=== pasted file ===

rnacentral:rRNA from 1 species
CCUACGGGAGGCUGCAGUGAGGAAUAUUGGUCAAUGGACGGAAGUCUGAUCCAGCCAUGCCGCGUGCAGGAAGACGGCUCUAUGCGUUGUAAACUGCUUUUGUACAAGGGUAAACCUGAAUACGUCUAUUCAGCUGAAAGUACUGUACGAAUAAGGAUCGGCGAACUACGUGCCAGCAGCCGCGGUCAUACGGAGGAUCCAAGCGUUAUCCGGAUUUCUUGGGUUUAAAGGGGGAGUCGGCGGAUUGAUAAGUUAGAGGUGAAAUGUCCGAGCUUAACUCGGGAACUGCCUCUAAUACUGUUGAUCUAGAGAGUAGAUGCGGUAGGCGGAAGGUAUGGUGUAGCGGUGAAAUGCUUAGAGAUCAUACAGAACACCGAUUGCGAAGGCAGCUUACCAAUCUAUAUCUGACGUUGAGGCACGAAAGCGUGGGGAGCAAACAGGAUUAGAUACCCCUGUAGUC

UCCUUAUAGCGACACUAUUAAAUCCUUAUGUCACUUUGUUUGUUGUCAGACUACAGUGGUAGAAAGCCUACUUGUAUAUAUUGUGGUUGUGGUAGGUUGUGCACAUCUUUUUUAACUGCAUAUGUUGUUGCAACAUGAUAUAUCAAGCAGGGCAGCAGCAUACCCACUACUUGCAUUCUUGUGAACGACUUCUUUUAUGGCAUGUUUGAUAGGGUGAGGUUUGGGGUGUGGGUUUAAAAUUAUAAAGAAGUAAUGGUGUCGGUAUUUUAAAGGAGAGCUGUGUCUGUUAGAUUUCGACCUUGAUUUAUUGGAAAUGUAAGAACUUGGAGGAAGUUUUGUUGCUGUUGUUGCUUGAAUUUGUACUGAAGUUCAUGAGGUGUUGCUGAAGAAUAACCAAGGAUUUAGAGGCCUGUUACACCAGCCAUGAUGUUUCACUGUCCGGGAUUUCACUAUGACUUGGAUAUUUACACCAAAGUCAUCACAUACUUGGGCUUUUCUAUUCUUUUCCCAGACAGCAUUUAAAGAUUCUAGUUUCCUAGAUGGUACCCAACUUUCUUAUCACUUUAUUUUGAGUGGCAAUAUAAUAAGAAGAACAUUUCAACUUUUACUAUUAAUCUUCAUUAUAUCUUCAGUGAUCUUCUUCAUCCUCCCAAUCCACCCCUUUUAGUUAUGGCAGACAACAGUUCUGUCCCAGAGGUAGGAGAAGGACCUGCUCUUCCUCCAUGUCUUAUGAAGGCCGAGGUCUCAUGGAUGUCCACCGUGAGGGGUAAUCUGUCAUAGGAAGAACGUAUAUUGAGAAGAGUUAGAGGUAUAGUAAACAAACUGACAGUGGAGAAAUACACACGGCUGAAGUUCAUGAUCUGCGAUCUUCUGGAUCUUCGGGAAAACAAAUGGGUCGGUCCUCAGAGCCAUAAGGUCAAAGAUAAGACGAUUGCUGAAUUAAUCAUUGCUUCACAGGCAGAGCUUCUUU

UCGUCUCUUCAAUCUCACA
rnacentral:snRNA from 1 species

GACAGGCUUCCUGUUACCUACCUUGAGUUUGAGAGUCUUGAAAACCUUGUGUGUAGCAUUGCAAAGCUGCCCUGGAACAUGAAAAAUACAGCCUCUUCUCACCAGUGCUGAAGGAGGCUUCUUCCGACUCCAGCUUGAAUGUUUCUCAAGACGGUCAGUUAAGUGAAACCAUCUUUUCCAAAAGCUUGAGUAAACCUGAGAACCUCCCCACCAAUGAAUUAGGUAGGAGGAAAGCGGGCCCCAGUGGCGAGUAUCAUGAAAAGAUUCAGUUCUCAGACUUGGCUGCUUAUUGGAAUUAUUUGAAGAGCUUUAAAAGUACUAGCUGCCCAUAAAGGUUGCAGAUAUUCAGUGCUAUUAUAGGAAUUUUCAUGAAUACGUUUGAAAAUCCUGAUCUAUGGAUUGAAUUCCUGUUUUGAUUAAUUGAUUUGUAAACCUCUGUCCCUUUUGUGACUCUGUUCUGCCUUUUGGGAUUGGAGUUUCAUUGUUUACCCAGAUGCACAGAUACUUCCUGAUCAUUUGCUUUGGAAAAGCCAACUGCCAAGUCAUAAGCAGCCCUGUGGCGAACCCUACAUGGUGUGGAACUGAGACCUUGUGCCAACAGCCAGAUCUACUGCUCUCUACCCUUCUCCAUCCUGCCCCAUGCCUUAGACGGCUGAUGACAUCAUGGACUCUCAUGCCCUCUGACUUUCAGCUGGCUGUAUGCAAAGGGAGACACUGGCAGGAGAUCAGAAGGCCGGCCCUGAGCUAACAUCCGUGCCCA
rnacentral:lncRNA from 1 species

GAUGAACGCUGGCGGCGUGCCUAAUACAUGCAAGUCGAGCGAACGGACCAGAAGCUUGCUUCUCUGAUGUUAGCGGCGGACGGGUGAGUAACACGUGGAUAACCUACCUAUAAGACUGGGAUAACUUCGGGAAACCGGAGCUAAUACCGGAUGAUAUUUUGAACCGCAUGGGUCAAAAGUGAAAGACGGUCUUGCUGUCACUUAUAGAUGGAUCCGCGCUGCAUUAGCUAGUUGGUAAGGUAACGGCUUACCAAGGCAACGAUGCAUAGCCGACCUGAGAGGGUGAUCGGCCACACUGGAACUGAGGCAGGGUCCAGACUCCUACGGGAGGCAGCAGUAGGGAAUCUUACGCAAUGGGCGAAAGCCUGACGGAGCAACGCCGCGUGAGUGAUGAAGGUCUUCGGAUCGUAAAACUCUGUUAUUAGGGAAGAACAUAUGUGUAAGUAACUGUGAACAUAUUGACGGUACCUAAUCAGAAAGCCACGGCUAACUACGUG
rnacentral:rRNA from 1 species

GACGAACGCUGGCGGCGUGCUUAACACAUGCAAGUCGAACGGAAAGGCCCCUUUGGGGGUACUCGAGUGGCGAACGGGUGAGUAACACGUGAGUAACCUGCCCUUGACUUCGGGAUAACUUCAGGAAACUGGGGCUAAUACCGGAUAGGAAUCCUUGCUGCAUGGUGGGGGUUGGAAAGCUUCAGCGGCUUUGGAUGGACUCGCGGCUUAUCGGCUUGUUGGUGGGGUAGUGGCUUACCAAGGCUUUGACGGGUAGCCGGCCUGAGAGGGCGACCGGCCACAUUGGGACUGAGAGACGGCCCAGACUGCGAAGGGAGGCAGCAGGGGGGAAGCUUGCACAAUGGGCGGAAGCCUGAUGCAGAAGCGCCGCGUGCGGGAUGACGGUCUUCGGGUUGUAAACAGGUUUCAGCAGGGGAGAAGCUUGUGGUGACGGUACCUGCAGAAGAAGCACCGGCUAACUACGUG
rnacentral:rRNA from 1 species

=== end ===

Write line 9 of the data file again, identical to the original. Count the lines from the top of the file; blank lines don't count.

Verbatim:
rnacentral:rRNA from 1 species